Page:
Actually, that's not quite right...

  • Edward IV was not "embattled by civil war", after his restoration in 1471 the remainder of his reign was comparatively uneventful and peaceful by the standards of the day. His brother Richard, Duke of Gloucester remained loyal to him throughout his reign which was why Edward IV appointed him Lord Protector; he never considered him an "enemy of the state" and he never behaved as such.
  • Henry Tudor was not exiled to Ireland, he was actually allowed to live quite peacefully under the care of William Herbert, the Earl of Pembroke at Raglan Castle until he took the opportunity to escape into exile in Brittany in 1471. Edward IV never particularly regarded him as a serious threat and neither did anybody else before 1483.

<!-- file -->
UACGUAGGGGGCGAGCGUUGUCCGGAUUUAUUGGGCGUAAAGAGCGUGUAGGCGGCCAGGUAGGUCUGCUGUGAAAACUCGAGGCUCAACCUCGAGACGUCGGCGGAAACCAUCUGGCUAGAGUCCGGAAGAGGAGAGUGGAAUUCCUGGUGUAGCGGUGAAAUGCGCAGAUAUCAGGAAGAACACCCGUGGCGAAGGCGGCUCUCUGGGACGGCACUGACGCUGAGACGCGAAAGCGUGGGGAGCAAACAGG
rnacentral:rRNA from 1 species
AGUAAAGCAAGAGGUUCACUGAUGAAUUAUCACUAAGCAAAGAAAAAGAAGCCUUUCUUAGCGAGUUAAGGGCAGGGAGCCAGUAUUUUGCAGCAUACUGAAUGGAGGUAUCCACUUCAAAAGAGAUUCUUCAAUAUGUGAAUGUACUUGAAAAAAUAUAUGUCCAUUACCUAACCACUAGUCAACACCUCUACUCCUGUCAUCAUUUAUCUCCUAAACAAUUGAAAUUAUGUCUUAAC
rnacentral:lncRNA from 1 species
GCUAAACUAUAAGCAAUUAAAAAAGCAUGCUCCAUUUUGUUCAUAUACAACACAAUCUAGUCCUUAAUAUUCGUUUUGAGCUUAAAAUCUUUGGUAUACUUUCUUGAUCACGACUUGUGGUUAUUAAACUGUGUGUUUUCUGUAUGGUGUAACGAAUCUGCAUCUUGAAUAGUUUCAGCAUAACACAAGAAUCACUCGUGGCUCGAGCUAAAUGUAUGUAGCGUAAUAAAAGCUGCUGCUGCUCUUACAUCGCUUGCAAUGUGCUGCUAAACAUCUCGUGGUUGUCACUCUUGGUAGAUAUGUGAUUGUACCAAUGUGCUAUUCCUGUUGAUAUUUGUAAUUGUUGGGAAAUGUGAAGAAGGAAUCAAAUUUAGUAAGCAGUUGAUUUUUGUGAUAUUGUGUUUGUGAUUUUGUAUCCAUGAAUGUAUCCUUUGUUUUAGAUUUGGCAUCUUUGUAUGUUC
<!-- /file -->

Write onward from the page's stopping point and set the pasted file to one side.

• Contrary to the assertion made, the 1933 forensic examination of the remains discovered in 1674 was not inconclusive; it reached some very definite conclusions which are referred to below.
  • James Tyrell's confession was not "used by the Tudors to kill him", he was arrested and convicted for treason in relation to an entirely different matter.
  • The Bishop of Bath and Wells did not "declare the marriage invalid", it was the Duke of Buckingham that made the allegation public; the involvement of the Bishop is referred to in a later French source which names him as the source of the allegation on which Richard based his claim.

Etc. I could go on, but let us rather find out what exactly happened.